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Of Dogs and Deer

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Nope, nothing to see here, you can put that camera away now.

So, I think that my younger dog, Rosie, might be planning her escape.

As I was getting prepared for our walk a few days ago – gathering trash bags, putting on my coat, jangling leashes – instead of presenting herself at my feet, as she usually does, she rushed upstairs. A little puzzled, I snapped the harness onto my older dog, Poppy, and waited. A few moments later, Rosie reappeared, but with an old, dried up, edible “chewie” in her mouth. I said to her (because I regularly talk to my dogs, cat, and any other living thing that happens to be in my vicinity, including myself), “We’re going on a long walk, don’t you want to leave that here?” But, as I reached to take it from her, she respectfully turned her head away. “Suit yourself,” I shrugged. As my older dog loves to carry things in her mouth, the situation didn’t seem too strange, and I figured I would just put the “chewie” in my pocket when she got bored.

About a half mile later, however, at a divergence in the path to the river, Rosie turned onto the less-traveled dirt trail, found a stone, and began digging a shallow hole just beside it. When she reached her preferred depth, she dropped the “chewie” into it, snuffled, and proceeded to nose dirt, leaves and other dried plant matter over it until the hole was filled. Now, I should note the Rosie has lots of these little stashes in our back yard. Occasionally she unearths them and returns them to the house in their slightly soggy, rotten state (another good reason never to buy rawhide). This is the first time, however, that she has ever stored something off of our property.

So, yes, I’m a little suspicious. She’s a nervous dog who’s been acting just a little too nervous lately. And I know she’s done with me holding her back from all those wild animals out there, so tantalizingly close, taunting her with their heady scents. Like those white-tailed deer we came upon on the island yesterday: a whole herd of them, and I wouldn’t let go of the leash, even to take this poor video:

That’s Rosie’s bark at the beginning, when it looks as if I’m going to fall over.

I can’t blame her, really, when the deer are so clearly out of control. I found a hoofprint just inside of the boys’ shelter (which Rosie, therefore, considers hers), so who knows what they’re getting up to when we’re not around?

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Although I am guessing that, even though there was evidence that they were eating and sleeping nearby, this was not their empty pint of gelato:

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Ice on the Monocacy

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While the winter solstice is a few days away, its spirit arrived last week, when temperatures plummeted and sleet and ice covered the ground in a white and crunchy coating. The winding tendrils of summer’s itchy hop plants have withered and drawn back from the encroaching freeze, revealing bottles, cans, and wrappers formerly hidden by the tenacious invasive’s spreading leaves. As my boys set shards of ice and small stones skidding across the Monocacy’s ice, I gather the debris, not only for the satisfaction of cleaning, but also to keep myself warm. This time of year, I always wonder at the small animals who do without hats and gloves and fleece-lined boots, like the little nuthatches, sparrows, house finches and wrens that play in the brush, or the small group of bluebirds I spotted in the trees. It makes me feel almost ashamed of my eagerness to return home to heat, light, and a big mug of tea.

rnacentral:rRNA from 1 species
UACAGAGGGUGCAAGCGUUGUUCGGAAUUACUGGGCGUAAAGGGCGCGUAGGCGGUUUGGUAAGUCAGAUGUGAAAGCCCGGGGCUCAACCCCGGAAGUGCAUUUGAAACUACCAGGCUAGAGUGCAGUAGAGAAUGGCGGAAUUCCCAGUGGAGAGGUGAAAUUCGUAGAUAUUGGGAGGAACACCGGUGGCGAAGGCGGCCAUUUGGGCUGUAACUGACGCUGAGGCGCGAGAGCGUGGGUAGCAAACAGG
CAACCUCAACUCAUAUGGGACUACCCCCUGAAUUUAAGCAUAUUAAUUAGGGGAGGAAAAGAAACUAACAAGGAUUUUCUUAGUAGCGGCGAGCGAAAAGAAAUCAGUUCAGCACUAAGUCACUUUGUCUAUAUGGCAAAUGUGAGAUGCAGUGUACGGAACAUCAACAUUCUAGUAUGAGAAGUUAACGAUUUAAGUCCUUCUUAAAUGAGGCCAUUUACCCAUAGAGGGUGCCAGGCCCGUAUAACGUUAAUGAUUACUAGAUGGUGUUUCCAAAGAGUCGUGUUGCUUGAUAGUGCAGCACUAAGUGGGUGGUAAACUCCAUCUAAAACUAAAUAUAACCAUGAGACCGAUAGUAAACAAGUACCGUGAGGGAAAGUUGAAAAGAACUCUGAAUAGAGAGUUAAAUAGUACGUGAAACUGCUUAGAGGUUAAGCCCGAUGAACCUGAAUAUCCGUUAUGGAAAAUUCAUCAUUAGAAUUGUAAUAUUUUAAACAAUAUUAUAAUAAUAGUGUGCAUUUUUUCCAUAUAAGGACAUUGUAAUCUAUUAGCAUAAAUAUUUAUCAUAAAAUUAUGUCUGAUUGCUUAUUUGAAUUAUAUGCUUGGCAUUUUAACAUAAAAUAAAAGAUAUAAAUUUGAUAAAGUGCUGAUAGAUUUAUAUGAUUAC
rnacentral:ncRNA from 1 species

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Out of the Fog

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As yesterday’s rain clouds pushed away, a fog crept in, dampening dusk’s last glimpse of light. We stuck to the path and made our way to Riverside Park, where the Monocacy Boulevard bridge offers some shelter. When we ventured down the boat ramp, we found that the rising waters and runoff had swept along some garbage as well.

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As I wasn’t wearing my waders, I was confounded in my trash collection. On my return home, however, after I picked up a discarded latex glove, a man who was posting small flags on the floodplain by the bridge emerged from the fog to comment on my work and ask whether I would like to do more for the river. Since I was feeling curious, I asked what he meant, and he revealed that he was from Stream-Link Education  (how uncanny! I just wrote about them in Connections and Clean-Up) and that the group will be gathering volunteers at Riverside Park to plant 300 trees this Saturday, December 3rd, from 9-11 a.m.

This isn’t the sort of message you expect to emerge from the fog at sunset, but I’m a little more practical than a gothic heroine anyway.